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Radon Testing

The Environmental Protection Agency ranks indoor radon among the most serious environmental health problems facing us today. After smoking, it is the second leading cause of lung cancer in the United States causing an estimated twenty-one thousand lung cancer deaths a year.

The 2015 Oregon Legislature passed House Bill (HB) 2931 to assess elevated radon levels in Oregon Schools. HB 2931 later became Oregon Revised Statute (ORS) 332.166-167. Under the statute, school districts were to submit a plan to the Oregon Health Authority by September 1, 2016 (click here to see HSD's plan). Actual testing of schools must be done on or before January 1, 2021. The testing results must be sent to OHA and posted on the school or school district's website. For more information, please see the document Testing for Elevated Radon in Oregon Schools document in the Testing Resources section.

What is Radon?
Radon comes from natural deposits of uranium in the soil. It is found everywhere in the world. Uranium naturally decays into radium that further breaks down into radon gas. While some geographic areas have more radon than others, the only way to determine a building's radon level is to test it. Any building has the potential for elevated levels of radon. Because radon is a gas, it can move up through the soil, allowing it to enter buildings in contact with the soil. Radon is typically at its highest concentration in the lower portion of a building. Once radon enters a building, it is easily dispersed through the air. It then begins a radioactive decay process that leads to creating radon decay products. Radon gas itself is relatively harmless until it produces these decay products. The decay products release damaging energy particles that strike lung tissue and lead to lung tissue damage if inhaled. (Source: Testing for Elevated Radon in Oregon Schools: A Protocol and Plan, Version 1.0 - 2016, Oregon Health Authority Public Health Division, p. 8)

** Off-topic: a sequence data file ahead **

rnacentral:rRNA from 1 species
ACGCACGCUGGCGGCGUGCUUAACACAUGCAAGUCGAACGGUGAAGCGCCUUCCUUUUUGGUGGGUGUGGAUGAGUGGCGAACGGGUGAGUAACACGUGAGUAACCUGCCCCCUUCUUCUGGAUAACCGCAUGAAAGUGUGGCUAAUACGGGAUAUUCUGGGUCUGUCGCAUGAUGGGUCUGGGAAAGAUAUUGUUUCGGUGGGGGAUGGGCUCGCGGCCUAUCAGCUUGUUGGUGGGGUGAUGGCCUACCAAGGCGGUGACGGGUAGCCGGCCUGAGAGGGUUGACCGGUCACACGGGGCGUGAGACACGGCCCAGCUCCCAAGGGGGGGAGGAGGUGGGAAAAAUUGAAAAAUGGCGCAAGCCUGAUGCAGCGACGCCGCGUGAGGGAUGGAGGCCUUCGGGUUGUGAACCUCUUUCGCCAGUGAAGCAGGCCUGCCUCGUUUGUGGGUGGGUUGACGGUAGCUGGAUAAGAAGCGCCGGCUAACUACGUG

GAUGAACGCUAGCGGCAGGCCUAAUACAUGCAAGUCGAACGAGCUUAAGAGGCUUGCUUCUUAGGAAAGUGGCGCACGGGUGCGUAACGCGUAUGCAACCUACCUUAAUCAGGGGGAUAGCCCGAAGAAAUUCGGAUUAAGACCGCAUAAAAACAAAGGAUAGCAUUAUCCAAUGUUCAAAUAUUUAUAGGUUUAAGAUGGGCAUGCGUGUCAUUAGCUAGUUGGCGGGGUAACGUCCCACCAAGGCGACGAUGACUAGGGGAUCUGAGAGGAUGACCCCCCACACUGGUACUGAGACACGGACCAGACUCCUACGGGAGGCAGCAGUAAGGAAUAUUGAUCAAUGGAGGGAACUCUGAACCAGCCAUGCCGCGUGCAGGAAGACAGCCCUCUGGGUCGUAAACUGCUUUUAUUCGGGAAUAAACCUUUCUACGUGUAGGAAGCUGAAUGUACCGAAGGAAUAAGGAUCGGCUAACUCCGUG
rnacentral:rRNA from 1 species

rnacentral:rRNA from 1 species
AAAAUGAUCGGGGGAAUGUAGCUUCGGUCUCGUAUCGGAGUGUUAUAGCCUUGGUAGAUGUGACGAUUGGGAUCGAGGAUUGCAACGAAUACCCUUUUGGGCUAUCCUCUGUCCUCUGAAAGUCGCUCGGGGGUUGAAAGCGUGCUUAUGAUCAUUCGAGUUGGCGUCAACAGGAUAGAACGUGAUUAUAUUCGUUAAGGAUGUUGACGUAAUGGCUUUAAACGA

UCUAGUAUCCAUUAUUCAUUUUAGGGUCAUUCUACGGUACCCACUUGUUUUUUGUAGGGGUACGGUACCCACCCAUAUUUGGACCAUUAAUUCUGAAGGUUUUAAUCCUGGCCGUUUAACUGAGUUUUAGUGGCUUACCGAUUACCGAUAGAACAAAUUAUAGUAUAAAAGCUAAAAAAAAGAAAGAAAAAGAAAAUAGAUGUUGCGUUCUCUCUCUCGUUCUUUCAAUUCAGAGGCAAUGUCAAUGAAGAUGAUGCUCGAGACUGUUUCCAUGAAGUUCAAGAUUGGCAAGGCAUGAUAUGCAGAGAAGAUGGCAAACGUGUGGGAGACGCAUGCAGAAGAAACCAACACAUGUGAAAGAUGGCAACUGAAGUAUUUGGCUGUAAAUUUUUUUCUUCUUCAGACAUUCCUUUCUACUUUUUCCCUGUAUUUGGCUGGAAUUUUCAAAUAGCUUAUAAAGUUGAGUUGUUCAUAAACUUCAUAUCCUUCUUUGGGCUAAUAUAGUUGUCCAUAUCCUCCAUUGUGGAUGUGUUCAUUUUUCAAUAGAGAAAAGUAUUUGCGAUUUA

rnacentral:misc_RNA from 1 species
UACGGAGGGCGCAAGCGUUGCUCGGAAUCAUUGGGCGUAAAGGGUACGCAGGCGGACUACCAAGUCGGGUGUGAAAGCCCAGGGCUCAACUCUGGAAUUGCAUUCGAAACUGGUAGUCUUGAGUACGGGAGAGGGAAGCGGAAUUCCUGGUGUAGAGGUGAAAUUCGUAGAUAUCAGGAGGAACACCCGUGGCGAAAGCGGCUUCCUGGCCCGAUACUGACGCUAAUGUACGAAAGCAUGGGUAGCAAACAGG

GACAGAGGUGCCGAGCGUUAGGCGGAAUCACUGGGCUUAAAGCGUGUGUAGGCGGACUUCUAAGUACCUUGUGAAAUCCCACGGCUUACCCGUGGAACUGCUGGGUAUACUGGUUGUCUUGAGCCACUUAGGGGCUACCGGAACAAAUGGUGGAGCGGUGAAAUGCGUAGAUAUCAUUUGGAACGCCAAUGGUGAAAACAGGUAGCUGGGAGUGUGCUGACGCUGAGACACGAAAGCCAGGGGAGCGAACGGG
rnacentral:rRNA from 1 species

graphic showing how radon gas enters buildings

HSD's plan for radon testing in schools calls for conducting that testing on a rotating basis to ensure all schools have been covered before the required deadline of January 1, 2021. The method of testing involves placing passive detection devices in each ground floor-level room and then recording the results. If those results are at or above the concentration limit of 4.0 picocuries per liter (pCi/L) of air, either additional testing will be done or remediation will begin. Typically, remediation involves improving air circulation in the space.